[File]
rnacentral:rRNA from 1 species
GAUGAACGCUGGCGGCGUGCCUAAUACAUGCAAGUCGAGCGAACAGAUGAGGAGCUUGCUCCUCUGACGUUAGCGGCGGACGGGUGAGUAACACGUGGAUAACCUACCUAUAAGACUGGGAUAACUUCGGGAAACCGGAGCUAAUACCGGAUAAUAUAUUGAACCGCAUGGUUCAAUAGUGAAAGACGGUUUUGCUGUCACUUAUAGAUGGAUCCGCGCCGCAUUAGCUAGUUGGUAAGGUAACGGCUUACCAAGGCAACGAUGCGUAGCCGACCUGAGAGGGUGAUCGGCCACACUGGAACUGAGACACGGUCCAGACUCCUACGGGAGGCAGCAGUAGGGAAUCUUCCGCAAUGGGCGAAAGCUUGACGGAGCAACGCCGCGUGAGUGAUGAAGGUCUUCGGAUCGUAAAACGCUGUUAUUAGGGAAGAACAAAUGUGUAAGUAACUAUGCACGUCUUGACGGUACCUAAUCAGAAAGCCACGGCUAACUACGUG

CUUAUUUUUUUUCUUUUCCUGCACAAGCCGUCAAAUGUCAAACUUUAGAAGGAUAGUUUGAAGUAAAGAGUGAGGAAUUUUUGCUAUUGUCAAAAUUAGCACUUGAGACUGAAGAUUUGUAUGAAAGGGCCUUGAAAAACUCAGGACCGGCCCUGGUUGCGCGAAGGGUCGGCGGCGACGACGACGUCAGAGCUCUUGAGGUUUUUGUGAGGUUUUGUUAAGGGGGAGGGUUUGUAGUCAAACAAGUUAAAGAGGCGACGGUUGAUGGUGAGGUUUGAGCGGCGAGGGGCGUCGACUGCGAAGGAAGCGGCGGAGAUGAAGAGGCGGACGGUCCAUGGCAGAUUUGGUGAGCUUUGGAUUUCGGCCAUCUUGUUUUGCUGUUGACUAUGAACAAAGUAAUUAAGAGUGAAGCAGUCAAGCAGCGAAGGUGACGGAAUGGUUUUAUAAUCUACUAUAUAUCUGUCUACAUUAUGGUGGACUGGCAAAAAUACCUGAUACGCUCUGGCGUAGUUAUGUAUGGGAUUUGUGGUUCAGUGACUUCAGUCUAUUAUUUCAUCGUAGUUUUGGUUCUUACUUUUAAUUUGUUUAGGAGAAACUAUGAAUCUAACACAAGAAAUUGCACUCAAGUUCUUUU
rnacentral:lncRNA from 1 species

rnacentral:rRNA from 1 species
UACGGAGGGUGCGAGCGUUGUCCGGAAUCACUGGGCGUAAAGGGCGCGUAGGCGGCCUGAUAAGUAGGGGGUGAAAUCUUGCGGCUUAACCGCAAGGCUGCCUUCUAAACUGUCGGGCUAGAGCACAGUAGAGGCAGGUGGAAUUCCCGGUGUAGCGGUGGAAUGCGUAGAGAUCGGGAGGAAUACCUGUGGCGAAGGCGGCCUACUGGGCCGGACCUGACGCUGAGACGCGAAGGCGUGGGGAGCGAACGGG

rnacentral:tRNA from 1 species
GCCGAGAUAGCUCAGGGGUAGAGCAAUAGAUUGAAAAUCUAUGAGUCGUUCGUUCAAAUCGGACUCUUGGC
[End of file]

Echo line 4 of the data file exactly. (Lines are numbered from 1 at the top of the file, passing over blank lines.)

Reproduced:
rnacentral:lncRNA from 1 species